Battery Breakthrough Provides Five Times The Driving Range Of Lithium-Ion At A Lower Price
Lithium-sulfur batteries already exist, but are held back from widespread adoption by problems inherent in their design. Scientists at the University of Michigan now believe they've solved these problems with a major breakthrough in the field of Li-S battery design. Before we get into that, here's a quick overview of the component parts of a battery.
Anatomy of a Battery
There are four components in lithium-ion and lithium-sulfur batteries: cathode, anode, electrolyte, and separator. The cathode is the positive side and allows current to flow out of the battery with the anode serving as its negative counterpart. The electrolyte allows for the movement of ions between the two, and the separator keeps them from coming into contact. The lithium-sulfur battery's Achilles' heel is its cathode, though Michigan's scientists believe they may have a solution for this weakness.
Current Problems with Lithium-Sulfur
Cathodes in lithium-sulfur batteries expand and contract by 78% with each charging cycle, making them unable to compete with lithium-ion because of how much faster they degrade and fail. Before Michigan's breakthrough this meant a lifespan of just ten charging cycles; now there's talk of 1000.
The scientists breakthrough is inspired by the natural world, specifically the membrane which serves to protect organic cells. By using recycled Kevlar, the team was able to create a network of nanofibers which supports the cathode and allows it to cope with the fluctuations it experiences without degrading. It's early days yet, but the team believe that their discovery could lead to lithium-sulfur EV batteries that will last for ten years of driving.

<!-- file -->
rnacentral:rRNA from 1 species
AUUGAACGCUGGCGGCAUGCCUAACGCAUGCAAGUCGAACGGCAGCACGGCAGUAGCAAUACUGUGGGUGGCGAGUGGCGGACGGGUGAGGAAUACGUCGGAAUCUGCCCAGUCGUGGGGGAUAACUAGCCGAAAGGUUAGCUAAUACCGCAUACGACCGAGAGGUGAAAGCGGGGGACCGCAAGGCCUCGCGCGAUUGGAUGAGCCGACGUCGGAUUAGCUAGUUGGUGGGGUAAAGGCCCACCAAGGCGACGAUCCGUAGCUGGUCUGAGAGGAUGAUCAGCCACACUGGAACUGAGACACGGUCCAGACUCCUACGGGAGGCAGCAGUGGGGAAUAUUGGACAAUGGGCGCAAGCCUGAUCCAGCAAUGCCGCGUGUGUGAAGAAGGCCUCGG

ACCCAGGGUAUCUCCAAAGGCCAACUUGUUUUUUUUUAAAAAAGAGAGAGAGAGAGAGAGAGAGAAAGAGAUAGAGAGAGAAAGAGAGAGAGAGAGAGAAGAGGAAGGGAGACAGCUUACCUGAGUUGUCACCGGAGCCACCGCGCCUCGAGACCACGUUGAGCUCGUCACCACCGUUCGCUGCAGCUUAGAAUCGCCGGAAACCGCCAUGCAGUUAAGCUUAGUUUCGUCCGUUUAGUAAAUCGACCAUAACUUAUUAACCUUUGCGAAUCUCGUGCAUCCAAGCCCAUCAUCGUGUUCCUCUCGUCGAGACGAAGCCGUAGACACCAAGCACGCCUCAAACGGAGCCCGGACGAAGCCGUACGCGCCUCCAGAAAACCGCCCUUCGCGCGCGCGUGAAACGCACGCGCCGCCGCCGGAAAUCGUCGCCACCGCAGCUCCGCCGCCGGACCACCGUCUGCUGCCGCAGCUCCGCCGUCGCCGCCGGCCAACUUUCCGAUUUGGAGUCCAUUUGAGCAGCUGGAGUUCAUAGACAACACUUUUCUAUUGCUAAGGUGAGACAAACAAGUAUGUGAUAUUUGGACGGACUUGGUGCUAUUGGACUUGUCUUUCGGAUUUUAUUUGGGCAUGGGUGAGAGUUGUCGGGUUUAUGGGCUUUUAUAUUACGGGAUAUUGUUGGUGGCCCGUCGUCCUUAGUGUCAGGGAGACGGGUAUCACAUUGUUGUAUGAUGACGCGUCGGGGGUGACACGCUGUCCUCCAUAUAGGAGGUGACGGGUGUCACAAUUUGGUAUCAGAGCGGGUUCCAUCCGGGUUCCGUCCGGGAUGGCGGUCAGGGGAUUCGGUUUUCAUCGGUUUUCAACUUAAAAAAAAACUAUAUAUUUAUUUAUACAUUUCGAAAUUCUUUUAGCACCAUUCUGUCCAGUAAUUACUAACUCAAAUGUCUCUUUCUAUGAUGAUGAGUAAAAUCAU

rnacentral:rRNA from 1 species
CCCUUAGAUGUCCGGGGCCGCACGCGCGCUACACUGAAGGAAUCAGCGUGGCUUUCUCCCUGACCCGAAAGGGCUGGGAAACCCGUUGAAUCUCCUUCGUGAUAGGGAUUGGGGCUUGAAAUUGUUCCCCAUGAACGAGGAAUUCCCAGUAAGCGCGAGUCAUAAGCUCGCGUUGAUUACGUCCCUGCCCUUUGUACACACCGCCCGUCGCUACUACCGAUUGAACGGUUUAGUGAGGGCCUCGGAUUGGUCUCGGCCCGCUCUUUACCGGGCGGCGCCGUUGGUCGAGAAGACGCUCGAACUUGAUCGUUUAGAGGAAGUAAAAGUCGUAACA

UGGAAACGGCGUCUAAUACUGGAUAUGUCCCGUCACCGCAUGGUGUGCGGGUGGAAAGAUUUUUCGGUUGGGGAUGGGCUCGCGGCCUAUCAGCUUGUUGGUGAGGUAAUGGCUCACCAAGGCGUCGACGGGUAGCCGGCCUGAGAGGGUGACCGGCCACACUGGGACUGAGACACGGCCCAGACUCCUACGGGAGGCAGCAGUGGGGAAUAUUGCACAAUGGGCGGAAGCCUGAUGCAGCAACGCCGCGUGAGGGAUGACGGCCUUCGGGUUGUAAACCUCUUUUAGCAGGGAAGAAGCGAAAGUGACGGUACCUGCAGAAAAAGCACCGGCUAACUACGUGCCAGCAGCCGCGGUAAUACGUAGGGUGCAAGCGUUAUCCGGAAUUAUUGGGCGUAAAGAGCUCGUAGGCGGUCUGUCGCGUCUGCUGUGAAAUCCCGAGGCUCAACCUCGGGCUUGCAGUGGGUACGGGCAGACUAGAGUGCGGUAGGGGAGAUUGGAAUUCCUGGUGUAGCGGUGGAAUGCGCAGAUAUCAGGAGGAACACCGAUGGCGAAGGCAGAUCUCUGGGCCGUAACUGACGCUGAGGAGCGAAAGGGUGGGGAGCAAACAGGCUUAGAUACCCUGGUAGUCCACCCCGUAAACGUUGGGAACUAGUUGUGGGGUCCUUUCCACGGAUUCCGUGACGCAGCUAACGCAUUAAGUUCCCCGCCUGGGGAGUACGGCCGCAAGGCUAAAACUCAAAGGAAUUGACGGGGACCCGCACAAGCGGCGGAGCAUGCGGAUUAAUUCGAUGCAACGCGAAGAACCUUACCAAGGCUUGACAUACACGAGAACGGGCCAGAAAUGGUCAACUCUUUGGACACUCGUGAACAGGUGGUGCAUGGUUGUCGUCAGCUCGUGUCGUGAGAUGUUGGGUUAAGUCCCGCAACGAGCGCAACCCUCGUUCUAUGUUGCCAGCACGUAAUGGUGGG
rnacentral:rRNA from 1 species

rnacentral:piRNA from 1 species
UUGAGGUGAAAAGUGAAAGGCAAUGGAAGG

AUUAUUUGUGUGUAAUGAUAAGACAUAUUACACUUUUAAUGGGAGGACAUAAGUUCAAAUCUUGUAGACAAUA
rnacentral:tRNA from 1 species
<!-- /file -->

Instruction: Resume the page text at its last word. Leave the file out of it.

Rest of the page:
The good news isn't limited to larger driving ranges for the EV world either. Sulfur is the 5th most abundant element on Earth and its widespread adoption could significantly lower the price of batteries that use it in their design. Cobalt, which is used as a cathode material in current generation lithium-ion batteries, ranks 32nd on the list of our planet's most abundant elements and is found in fewer areas of the world with more than 70% of annual production coming from the Democratic Republic of the Congo. There have been numerous complaints of child and slave labor, as well as horrific safety records in these mines.
2000+ Mile EVs
If lithium-sulfur batteries do come to be widely accepted by the EV market we could see vehicles able to cover some pretty mind-blowing distances on a single charge. Take the current production EV range record holder, the 520-mile Lucid Air, for example. With five times the energy density of Li-Ion batteries giving five times the range, a Li-S equipped Air could theoretically travel 2600 miles on a single charge.
What's more, the extreme power density of lithium-sulfur batteries would allow a much smaller unit to match or surpass today's EV batteries meaning less weight, better handling, and vastly increased efficiency. The future is coming, and it might well be powered by lithium-sulfur batteries.
Images by Lucid Motors and Pixabay licensed by CC BY 2.0.
James Walker is an automotive journalist at Torque News focusing on Lucid Motors. If it's got wheels he's interested in it, and he's very excited to see what kind of cars the EV revolution brings us. Whether it's fast, slow, new, or old, James wants to have a look around it and share it in print and on video, ideally with some twisty roads involved. You can connect with James on Twitter, Instagram, and LinkedIn.